Sun Country Plans To Add 16 737-800s

Credit: Sun Country Airlines

Sun Country Airlines plans to add 16 used Boeing 737-800s over the next two years to support an aggressive growth strategy that focuses largely on developing its hometown Minneapolis, Minnesota market.

"At the end of 2017 we had 22 airplanes, so that's a rough tripling in about six years," CEO Jude Bricker said during a recent Cowen & Co. virtual investor event. "That's about as fast as one can grow an airline—20% a year, so that's what we're planning.”

The airline operates a fleet of 46 aircraft, including 12 737-800 freighters dedicated to Amazon e-commerce operations. The remainder consists of 33 737-800s and one 737-700 that serves the company’s passenger and charter work.

Bricker said the global downturn gives his airline flexibility to be aggressive with its aircraft-acquisition strategy, waiting out good deals on assets their owners are not using.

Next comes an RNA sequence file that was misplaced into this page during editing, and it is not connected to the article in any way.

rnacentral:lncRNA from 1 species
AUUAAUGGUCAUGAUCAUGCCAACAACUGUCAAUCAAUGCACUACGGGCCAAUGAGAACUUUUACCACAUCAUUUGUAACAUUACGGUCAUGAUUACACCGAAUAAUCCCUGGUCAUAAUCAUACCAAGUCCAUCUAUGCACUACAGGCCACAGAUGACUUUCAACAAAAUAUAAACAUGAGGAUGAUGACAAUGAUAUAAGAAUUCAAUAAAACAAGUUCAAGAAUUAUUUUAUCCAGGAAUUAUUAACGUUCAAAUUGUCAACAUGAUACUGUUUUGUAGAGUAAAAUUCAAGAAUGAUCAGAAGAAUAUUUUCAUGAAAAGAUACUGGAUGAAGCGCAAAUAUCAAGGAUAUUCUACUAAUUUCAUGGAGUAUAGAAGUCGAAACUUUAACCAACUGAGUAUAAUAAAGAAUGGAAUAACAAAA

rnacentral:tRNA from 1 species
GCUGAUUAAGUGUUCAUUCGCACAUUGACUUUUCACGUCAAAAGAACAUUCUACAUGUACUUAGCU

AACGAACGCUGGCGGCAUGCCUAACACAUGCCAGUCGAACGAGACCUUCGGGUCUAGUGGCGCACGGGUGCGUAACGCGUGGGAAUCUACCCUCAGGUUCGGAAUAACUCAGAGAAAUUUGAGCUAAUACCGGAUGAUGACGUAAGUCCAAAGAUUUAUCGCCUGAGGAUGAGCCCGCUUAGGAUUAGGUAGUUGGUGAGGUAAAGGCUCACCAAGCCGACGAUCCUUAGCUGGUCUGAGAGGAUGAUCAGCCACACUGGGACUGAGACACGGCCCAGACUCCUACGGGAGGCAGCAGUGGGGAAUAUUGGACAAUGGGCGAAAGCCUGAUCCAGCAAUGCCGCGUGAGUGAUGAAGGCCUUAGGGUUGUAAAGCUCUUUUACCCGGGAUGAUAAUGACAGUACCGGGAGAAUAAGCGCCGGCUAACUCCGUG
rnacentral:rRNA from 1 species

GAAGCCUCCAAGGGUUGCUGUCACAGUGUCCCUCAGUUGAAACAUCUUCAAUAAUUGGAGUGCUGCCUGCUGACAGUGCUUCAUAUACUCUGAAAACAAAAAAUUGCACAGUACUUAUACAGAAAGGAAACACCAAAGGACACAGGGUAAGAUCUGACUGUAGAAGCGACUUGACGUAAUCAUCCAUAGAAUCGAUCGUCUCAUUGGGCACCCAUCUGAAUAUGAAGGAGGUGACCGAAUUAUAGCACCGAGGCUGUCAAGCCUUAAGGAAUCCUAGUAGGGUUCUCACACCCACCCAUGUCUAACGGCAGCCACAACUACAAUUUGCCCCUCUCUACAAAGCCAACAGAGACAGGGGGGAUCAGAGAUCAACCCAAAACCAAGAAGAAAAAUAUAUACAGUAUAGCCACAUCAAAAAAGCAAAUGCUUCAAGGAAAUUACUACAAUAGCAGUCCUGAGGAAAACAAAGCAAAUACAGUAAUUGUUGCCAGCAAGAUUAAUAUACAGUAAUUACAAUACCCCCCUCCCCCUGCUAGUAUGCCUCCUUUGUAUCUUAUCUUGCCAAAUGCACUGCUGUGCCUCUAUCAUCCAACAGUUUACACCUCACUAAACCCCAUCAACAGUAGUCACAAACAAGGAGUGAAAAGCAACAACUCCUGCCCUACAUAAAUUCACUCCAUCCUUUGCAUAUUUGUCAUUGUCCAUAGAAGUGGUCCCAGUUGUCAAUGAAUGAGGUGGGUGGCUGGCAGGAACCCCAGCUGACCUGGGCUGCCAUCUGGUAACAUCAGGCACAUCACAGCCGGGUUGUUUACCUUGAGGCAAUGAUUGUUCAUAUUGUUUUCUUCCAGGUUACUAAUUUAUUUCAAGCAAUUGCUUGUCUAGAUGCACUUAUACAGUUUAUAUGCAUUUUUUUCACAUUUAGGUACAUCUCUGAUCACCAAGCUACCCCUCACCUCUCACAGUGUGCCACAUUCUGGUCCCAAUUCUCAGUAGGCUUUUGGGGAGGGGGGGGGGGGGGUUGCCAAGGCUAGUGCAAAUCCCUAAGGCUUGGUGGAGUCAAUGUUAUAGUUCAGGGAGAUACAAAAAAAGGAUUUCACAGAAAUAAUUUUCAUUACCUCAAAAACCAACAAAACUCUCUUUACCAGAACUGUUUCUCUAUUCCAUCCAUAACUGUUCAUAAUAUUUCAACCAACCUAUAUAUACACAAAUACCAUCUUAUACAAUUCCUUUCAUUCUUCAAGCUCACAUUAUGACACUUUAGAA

“We're being really, really aggressive in the transaction market right now,” he said. “There are a lot of lessors that own airplanes that are grounded. They’re not ready to accept what we think is the value of their airplanes. They’d rather park them then sell them to me. That's fine. We’re getting the airplanes we need.”

Bricker envisions most of the additions going towards growth, though Sun Country may retire its lone 737-700 instead of spend money on the next heavy maintenance check.
The remaining lift will support its charter business, which is rebounding now that events like professional and college football games in front of fans and trips to casinos and resorts are returning. Most of the growth will be on the scheduled side, focusing in getting Minnesotans out to sunny destinations during the winter, and getting their relatives and friends into town during the summer.

"Airlines cut back really dramatically in this market in particular and more so than their system overall," Bricker said. "I think we can hold on to that market share through the recovery….That means connecting Minnesota to basically every market in the U.S. that can support at least twice weekly service" in peak periods, notably the summer.

Sean Broderick

Senior Air Transport & Safety Editor Sean Broderick covers aviation safety, MRO, and the airline business from Aviation Week Network's Washington, D.C. office.